(Upper Sacramento River, Shasta and Tehama counties)
Species / Location
Sacramento River winter Chinook salmon (winter-run) are one of four distinct runs of Chinook salmon in the Sacramento River watershed. Winter-run are genetically diverse and endemic to the upper reaches of the Sacramento River. Historically, these fish were abundant in the McCloud River where they spawned in the cold, glacial spring waters of Mt. Shasta. The completion of Shasta Dam in 1943 eliminated the migration of winter-run to their native spawning grounds which led to their decline. Today, winter-run are federally and state listed as endangered species and migrate upstream only as far as Keswick Dam near Redding California (Figure 1). Keswick Dam, 9.5 miles downstream of Shasta Dam, is the uppermost limit to migrating salmon on the main stem Sacramento River.
Need for Drought Stressor Monitoring
Water years 2013 and 2014 (October 1 for any given year through September 30, of the following year) were two of the driest years on record in California (DWR, 2014). California declared a state of emergency due to the long term drought and established water conservation and monitoring measures.
Stressor Monitoring Efforts
Enhanced winter-run monitoring was initiated July 2014 as part of the Drought Operations Plan and associated winter-run contingency plans. The enhanced monitoring focused on identifying and measuring winter-run salmon nests or “redds”, and measuring water temperatures throughout the spawning grounds to determine if winter-run egg and juvenile survival was impacted by warm water temperatures. Efforts by CDFW and PSMFC staff included deployment of multiple water temperature recording probes every two miles from Red Bluff Diversion Dam to Keswick Dam, a distance of 60 miles. Other probes measuring dissolved oxygen were deployed near active winter-run redds. Additionally, crews measured shallow water redds and conducted multi-month monitoring and modified several of these shallow winter-run redds to prevent dewatering as river flows were reduced to conserve water.
Beginning July 18, 2014 crews deployed multiple loggers to measure water temperature and dissolved oxygen in the upper river. Preliminary findings suggest that river water temperatures exceeded the ideal maximum 56 degree Fahrenheit level for salmon survival during the egg and alevin (hatchling salmon) periods in early September through early November impacting winter-run egg and juvenile survival. Analysis of this impact is ongoing. Dissolved oxygen levels did not appear to be impacting survival during preliminary analysis.
From June 6 through November 7, 2014, a total of 32 winter-run redds were closely monitored for dewatering immediately following Keswick flow release reductions. Winter-run redds were identified and located using both aerial redd and boat surveys. All of the monitored winter-run redds were located near Redding between Bonnyview bridge (RM 292) and Keswick Dam. Each redd was marked with a unique numbered marker (Figure 2) and data was collected (GPS location; water depth in inches from top of tailspill to water surface; and water velocity). All marked redds were revisited and measured after each flow release reduction from Keswick Reservoir.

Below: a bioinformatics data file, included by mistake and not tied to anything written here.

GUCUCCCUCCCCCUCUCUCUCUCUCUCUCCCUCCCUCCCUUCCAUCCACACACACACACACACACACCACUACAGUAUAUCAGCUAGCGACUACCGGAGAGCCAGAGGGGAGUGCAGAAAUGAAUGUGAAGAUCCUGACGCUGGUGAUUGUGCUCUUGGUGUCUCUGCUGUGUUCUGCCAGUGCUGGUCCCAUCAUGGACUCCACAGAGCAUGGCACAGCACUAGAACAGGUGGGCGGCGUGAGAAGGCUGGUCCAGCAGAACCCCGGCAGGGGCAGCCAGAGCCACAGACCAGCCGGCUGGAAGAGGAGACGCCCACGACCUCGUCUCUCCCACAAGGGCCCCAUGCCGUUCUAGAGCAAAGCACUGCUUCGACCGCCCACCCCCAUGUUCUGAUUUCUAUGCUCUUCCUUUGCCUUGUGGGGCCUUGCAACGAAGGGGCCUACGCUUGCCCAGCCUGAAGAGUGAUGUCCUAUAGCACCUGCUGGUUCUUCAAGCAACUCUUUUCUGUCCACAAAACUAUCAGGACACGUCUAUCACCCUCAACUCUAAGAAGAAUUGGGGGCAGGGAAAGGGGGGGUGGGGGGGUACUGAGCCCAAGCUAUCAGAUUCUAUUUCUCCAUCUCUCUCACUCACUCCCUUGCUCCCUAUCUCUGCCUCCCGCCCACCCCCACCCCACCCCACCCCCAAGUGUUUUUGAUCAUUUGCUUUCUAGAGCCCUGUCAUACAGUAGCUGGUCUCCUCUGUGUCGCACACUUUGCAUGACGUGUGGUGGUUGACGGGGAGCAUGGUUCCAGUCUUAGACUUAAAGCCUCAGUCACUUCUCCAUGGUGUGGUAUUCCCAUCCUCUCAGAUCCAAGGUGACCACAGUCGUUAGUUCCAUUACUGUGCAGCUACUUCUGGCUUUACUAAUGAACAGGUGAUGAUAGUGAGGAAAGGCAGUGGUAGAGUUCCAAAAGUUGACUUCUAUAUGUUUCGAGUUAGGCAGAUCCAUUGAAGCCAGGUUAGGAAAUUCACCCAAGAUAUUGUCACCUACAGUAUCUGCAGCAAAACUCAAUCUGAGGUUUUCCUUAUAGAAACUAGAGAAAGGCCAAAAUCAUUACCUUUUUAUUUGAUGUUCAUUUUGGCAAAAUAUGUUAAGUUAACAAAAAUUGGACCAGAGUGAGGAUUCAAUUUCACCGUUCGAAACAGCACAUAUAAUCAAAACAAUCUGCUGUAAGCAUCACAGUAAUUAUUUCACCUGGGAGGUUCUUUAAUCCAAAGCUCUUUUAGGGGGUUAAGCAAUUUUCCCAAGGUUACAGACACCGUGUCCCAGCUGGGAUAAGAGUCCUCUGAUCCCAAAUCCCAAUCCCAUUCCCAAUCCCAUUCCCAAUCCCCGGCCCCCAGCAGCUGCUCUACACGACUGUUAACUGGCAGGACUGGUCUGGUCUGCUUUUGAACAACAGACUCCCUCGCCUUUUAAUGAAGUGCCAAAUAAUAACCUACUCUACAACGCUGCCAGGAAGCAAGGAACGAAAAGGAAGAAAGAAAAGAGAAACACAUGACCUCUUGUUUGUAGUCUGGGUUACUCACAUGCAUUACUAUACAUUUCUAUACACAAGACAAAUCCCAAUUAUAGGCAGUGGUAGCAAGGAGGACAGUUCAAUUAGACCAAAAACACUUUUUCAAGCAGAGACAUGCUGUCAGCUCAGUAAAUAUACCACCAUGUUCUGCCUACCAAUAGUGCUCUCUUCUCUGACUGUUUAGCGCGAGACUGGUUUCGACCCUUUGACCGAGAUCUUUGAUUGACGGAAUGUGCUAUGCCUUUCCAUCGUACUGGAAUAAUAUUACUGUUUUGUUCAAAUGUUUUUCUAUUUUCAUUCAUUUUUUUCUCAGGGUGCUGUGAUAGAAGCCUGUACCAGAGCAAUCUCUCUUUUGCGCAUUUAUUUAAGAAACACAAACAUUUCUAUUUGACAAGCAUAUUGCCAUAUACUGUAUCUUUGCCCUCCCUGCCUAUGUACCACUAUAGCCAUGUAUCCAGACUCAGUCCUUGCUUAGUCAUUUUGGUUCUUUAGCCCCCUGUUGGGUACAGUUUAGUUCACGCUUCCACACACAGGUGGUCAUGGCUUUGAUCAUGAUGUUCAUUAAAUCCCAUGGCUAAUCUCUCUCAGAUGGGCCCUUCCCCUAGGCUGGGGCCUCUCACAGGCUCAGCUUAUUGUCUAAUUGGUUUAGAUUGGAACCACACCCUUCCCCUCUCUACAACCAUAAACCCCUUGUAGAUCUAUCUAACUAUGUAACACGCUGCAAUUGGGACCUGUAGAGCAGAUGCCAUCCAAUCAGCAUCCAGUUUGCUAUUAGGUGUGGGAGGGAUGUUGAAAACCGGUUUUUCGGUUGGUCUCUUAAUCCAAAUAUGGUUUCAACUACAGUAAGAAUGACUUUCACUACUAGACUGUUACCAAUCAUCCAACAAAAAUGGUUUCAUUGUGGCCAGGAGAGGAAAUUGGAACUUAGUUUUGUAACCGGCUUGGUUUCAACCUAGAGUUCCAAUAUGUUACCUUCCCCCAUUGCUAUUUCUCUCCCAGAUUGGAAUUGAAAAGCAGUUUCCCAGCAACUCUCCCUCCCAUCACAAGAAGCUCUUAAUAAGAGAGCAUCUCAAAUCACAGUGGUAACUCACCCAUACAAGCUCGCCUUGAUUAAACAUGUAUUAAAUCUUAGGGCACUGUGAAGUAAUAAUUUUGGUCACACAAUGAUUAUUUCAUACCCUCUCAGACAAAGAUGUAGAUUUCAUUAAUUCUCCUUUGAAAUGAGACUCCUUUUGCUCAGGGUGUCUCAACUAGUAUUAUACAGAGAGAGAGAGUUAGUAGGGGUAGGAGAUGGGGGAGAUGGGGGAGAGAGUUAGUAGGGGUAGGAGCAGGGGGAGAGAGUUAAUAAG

During September 2014, the CDFW adopted a redd modification protocol in order to reduce the impact of future winter-run redd dewatering (see Figures 3 and 4). This protocol was designed to assist with the emergence of stranded fry in redds at risk of being dewatered. This was considered as a “last-ditch” effort to increase the opportunity for juvenile winter-run to emerge from redds that were going to be dewatered by imminent flow reductions and allowed at least a possibility of survival for fry in the redds that become dewatered (see Figure 5). This emergency effort involved gently removing several inches of rock by hand from the tops of eight shallow-water redds to allow increased flow over the top and sides of the redd (Figure 4). Juvenile winter-run fry were observed emerging from a dewatered one redd during the modification process.
Figure 2. Crews monitoring a winter-run Chinook salmon redd in shallow water after a flow reduction on the Sacramento River.
Figure 3. Example of a winter-run Chinook salmon redd nearly dewatered after flow reductions in the Sacramento River. Redd modification would remove just enough substrate to allow water flow over top of redd after any further flow reductions.
Figure 4. Example of a winter-run Chinook salmon redd after redd modification. Some upper substrate has been removed (see Figure 3 for comparison) and water will continue to flow over redd after a flow reduction.
Figure 5. Example of a winter-run Chinook salmon redd dewatered after flow reductions in the Sacramento River in 2013. Note that redd modifications were made to avoid similar situations in 2014.
CDFW sees the biological need to continue to monitor Chinook salmon redds and water quality conditions. At this time, no funding is secured for this work, and whether future monitoring will occur is uncertain.
CDWR, 2014. Breaking Drought News. WRCC climate region dry years, ranked by inches of precipitation. Access May 06, 2014.